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Quantitative Trading of Corporate Bonds: An Idea whose Time will Come - But Not Yet
By David Munves, CFA | February 10, 2022

A lot of smoke, but not much fire

There’s been considerable buzz in the financial media about how quant-based trading, which now dominates the equity, government bond, and FX markets, has finally come to corporate bonds. Credit-focused quant shops are attracting a lot of investment dollars. Moreover, if the headlines are to be believed, technological changes are supplanting age-old, trader-centered market practices.

None of this makes sense, given the state of today’s credit markets.  

In today’s blog I analyze the reasons for the gap between current market realities and the lofty aspirations of the quant evangelists. The exercise provides the foundation to look to the future. My thesis is that quantitative investing will grow in prominence in the years to come and will require the implementation of new strategies and risk management tools.

Quant trading - liquidity is everything

I think a lot of the fog concerning credit quant strategies reflects a failure to distinguish between quant trading and quant-based investing, so I’ll start by clarifying that point. 

As we’ll see, what’s happening in the credit markets is more on the order of quant-based investing than quant trading. Conditions are more supportive of the former than the latter, which helps to resolve the conundrum I set out above.    

Quant trading leverages technology and a deep understanding of market structures and their anomalies to profit from price discrepancies across markets or across time. In most cases, a single transaction generates a very small gain in dollar terms. Thus, to make serious money you need to be able to trade at high frequencies and at lightning-quick speeds. The need for speed means that trades are generated programmatically, which is why these approaches are often called “algorithmic (or algo) strategies”. The requirement to trade often and at volume confines these strategies to ultra-liquid markets where participants can execute transactions at vanishingly low costs. 
Related to this, quant trading requires you to be able to execute strategies electronically and as noted, automatically, via platforms or exchanges.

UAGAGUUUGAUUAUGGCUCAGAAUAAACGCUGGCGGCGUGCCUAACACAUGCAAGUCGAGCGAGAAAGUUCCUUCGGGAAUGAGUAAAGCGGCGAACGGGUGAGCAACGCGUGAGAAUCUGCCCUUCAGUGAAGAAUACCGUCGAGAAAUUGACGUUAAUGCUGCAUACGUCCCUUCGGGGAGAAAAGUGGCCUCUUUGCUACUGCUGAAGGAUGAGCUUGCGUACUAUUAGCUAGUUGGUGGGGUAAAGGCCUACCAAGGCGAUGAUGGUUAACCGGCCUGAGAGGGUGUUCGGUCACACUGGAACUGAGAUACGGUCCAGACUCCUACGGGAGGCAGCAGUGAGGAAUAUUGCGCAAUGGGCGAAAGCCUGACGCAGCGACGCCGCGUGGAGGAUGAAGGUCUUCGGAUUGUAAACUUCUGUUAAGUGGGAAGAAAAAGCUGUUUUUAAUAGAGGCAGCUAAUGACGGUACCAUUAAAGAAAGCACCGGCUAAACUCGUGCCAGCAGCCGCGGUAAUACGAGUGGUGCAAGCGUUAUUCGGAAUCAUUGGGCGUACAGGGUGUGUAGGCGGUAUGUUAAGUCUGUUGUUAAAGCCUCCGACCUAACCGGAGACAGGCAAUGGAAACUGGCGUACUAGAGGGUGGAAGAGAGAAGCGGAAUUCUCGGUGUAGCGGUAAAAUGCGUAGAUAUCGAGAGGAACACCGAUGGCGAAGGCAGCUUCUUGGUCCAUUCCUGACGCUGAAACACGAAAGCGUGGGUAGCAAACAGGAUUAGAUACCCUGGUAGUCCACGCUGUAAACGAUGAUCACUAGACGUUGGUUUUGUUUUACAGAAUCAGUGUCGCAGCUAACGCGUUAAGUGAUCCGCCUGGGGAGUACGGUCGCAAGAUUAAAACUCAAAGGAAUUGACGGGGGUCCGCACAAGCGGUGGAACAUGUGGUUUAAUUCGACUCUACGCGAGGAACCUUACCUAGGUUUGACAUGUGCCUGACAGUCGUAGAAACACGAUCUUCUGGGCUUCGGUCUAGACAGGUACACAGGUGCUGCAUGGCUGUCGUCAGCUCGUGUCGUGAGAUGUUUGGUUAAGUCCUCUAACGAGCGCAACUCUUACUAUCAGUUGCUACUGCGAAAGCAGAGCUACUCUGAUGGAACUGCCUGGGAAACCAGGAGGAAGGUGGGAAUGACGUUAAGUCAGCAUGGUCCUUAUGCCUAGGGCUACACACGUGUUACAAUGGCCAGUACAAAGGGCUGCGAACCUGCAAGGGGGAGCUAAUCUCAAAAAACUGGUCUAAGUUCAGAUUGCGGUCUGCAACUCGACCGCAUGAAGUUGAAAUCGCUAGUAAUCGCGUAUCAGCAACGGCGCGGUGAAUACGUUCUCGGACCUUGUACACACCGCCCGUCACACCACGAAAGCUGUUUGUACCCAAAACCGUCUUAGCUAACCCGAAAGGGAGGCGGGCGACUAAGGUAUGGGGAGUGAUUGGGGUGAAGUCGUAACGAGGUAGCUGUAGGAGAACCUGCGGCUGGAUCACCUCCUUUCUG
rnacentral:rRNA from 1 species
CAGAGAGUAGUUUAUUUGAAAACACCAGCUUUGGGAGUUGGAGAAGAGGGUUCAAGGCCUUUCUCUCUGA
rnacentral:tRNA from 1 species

Conditions in the credit markets could hardly be more different.

As many readers know, the market for corporate bonds is illiquid. Most issues rarely trade, yet all have prices.  Rather than coming from the market transactions, their prices are derived from those on liquid bonds (which do trade) and from quantitative models. The upshot is that the values quant traders would normally expect to feed into their algorithms - and prices are, after all, the key input for such strategies – have a highly uncertain relationship to what people might actually pay for the assets. This is an almost unfathomable state of affairs for participants in more liquid markets where quant trading dominates.

And when corporate bonds do trade, their prices often reflect idiosyncratic, hard to capture factors such as liquidity, the risk of future issuance, and sector effects. And this is before we get to issue-specific drivers such as covenant terms, seniority, sinking funds, puts, calls, and coupon rates that step up, step down, or convert from fixed to floating rates. 

This lack of liquidity has a knock-on effect on the ability to trade securities automatically on exchanges or platforms - the second requirement for quant trading.  Exchanges have long existed for corporate bonds and are handling a growing number of trades on an automated basis. However, most such transactions involve either odd lots, meaning small amounts of bonds that are traded at wide bid-offer spreads, or a limited number of truly liquid issues.